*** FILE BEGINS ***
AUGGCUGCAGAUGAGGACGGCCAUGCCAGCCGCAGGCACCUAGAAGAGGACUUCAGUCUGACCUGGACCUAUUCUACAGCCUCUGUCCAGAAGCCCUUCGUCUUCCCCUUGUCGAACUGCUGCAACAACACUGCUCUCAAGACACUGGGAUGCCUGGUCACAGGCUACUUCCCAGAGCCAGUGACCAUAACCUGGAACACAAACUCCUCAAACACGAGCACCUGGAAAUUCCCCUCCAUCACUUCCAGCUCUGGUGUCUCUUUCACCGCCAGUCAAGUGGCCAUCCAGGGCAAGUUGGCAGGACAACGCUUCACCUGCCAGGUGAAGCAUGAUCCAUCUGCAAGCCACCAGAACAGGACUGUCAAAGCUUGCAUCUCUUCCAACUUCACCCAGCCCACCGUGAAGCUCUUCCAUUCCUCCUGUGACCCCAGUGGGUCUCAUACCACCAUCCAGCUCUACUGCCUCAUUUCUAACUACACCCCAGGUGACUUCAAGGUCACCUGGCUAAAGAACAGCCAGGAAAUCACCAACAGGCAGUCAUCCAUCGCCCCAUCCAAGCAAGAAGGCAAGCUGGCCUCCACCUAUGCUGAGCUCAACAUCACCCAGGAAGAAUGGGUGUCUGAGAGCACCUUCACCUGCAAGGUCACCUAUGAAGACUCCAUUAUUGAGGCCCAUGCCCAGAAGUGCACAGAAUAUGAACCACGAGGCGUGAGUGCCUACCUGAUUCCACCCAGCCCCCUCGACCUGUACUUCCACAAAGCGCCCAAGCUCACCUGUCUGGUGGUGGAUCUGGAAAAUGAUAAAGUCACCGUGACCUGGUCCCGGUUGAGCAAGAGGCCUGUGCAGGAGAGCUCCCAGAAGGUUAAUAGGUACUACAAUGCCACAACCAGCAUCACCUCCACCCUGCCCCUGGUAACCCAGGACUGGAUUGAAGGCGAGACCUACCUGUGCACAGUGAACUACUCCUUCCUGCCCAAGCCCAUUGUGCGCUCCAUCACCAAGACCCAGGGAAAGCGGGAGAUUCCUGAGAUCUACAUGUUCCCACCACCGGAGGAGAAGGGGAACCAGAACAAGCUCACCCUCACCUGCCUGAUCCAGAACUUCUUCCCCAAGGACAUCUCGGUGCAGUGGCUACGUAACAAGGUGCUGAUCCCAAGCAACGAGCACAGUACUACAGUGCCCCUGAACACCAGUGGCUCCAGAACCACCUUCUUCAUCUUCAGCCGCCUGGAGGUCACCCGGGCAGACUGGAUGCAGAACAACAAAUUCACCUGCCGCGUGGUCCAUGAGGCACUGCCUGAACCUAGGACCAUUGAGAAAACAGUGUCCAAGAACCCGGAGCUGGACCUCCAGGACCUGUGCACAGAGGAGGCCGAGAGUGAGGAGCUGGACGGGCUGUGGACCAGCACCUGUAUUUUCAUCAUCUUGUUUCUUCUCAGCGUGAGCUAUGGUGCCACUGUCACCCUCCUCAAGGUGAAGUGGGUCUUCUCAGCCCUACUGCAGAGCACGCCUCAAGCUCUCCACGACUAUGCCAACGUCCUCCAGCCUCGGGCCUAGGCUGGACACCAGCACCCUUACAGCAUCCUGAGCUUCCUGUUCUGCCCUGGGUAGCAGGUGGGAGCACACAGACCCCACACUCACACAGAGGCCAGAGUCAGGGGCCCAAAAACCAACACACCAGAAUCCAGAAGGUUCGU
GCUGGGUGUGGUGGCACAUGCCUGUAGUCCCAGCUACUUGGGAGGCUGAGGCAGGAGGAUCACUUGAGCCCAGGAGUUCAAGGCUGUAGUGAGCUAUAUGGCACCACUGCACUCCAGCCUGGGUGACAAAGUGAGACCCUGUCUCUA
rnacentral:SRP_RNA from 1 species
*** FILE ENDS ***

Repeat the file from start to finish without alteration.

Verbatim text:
AUGGCUGCAGAUGAGGACGGCCAUGCCAGCCGCAGGCACCUAGAAGAGGACUUCAGUCUGACCUGGACCUAUUCUACAGCCUCUGUCCAGAAGCCCUUCGUCUUCCCCUUGUCGAACUGCUGCAACAACACUGCUCUCAAGACACUGGGAUGCCUGGUCACAGGCUACUUCCCAGAGCCAGUGACCAUAACCUGGAACACAAACUCCUCAAACACGAGCACCUGGAAAUUCCCCUCCAUCACUUCCAGCUCUGGUGUCUCUUUCACCGCCAGUCAAGUGGCCAUCCAGGGCAAGUUGGCAGGACAACGCUUCACCUGCCAGGUGAAGCAUGAUCCAUCUGCAAGCCACCAGAACAGGACUGUCAAAGCUUGCAUCUCUUCCAACUUCACCCAGCCCACCGUGAAGCUCUUCCAUUCCUCCUGUGACCCCAGUGGGUCUCAUACCACCAUCCAGCUCUACUGCCUCAUUUCUAACUACACCCCAGGUGACUUCAAGGUCACCUGGCUAAAGAACAGCCAGGAAAUCACCAACAGGCAGUCAUCCAUCGCCCCAUCCAAGCAAGAAGGCAAGCUGGCCUCCACCUAUGCUGAGCUCAACAUCACCCAGGAAGAAUGGGUGUCUGAGAGCACCUUCACCUGCAAGGUCACCUAUGAAGACUCCAUUAUUGAGGCCCAUGCCCAGAAGUGCACAGAAUAUGAACCACGAGGCGUGAGUGCCUACCUGAUUCCACCCAGCCCCCUCGACCUGUACUUCCACAAAGCGCCCAAGCUCACCUGUCUGGUGGUGGAUCUGGAAAAUGAUAAAGUCACCGUGACCUGGUCCCGGUUGAGCAAGAGGCCUGUGCAGGAGAGCUCCCAGAAGGUUAAUAGGUACUACAAUGCCACAACCAGCAUCACCUCCACCCUGCCCCUGGUAACCCAGGACUGGAUUGAAGGCGAGACCUACCUGUGCACAGUGAACUACUCCUUCCUGCCCAAGCCCAUUGUGCGCUCCAUCACCAAGACCCAGGGAAAGCGGGAGAUUCCUGAGAUCUACAUGUUCCCACCACCGGAGGAGAAGGGGAACCAGAACAAGCUCACCCUCACCUGCCUGAUCCAGAACUUCUUCCCCAAGGACAUCUCGGUGCAGUGGCUACGUAACAAGGUGCUGAUCCCAAGCAACGAGCACAGUACUACAGUGCCCCUGAACACCAGUGGCUCCAGAACCACCUUCUUCAUCUUCAGCCGCCUGGAGGUCACCCGGGCAGACUGGAUGCAGAACAACAAAUUCACCUGCCGCGUGGUCCAUGAGGCACUGCCUGAACCUAGGACCAUUGAGAAAACAGUGUCCAAGAACCCGGAGCUGGACCUCCAGGACCUGUGCACAGAGGAGGCCGAGAGUGAGGAGCUGGACGGGCUGUGGACCAGCACCUGUAUUUUCAUCAUCUUGUUUCUUCUCAGCGUGAGCUAUGGUGCCACUGUCACCCUCCUCAAGGUGAAGUGGGUCUUCUCAGCCCUACUGCAGAGCACGCCUCAAGCUCUCCACGACUAUGCCAACGUCCUCCAGCCUCGGGCCUAGGCUGGACACCAGCACCCUUACAGCAUCCUGAGCUUCCUGUUCUGCCCUGGGUAGCAGGUGGGAGCACACAGACCCCACACUCACACAGAGGCCAGAGUCAGGGGCCCAAAAACCAACACACCAGAAUCCAGAAGGUUCGU
GCUGGGUGUGGUGGCACAUGCCUGUAGUCCCAGCUACUUGGGAGGCUGAGGCAGGAGGAUCACUUGAGCCCAGGAGUUCAAGGCUGUAGUGAGCUAUAUGGCACCACUGCACUCCAGCCUGGGUGACAAAGUGAGACCCUGUCUCUA
rnacentral:SRP_RNA from 1 species